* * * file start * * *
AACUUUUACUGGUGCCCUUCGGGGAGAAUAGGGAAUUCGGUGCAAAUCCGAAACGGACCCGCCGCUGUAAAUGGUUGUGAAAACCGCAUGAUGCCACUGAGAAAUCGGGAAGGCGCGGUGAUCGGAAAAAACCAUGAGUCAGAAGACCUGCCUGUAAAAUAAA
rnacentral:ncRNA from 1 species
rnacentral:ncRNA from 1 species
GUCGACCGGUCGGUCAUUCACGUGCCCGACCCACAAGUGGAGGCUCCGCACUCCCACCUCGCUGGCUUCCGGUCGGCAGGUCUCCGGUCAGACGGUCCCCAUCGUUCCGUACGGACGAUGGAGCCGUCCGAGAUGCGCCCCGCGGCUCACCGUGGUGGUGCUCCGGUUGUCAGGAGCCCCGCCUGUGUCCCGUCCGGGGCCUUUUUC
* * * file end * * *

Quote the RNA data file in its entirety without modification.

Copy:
AACUUUUACUGGUGCCCUUCGGGGAGAAUAGGGAAUUCGGUGCAAAUCCGAAACGGACCCGCCGCUGUAAAUGGUUGUGAAAACCGCAUGAUGCCACUGAGAAAUCGGGAAGGCGCGGUGAUCGGAAAAAACCAUGAGUCAGAAGACCUGCCUGUAAAAUAAA
rnacentral:ncRNA from 1 species
rnacentral:ncRNA from 1 species
GUCGACCGGUCGGUCAUUCACGUGCCCGACCCACAAGUGGAGGCUCCGCACUCCCACCUCGCUGGCUUCCGGUCGGCAGGUCUCCGGUCAGACGGUCCCCAUCGUUCCGUACGGACGAUGGAGCCGUCCGAGAUGCGCCCCGCGGCUCACCGUGGUGGUGCUCCGGUUGUCAGGAGCCCCGCCUGUGUCCCGUCCGGGGCCUUUUUC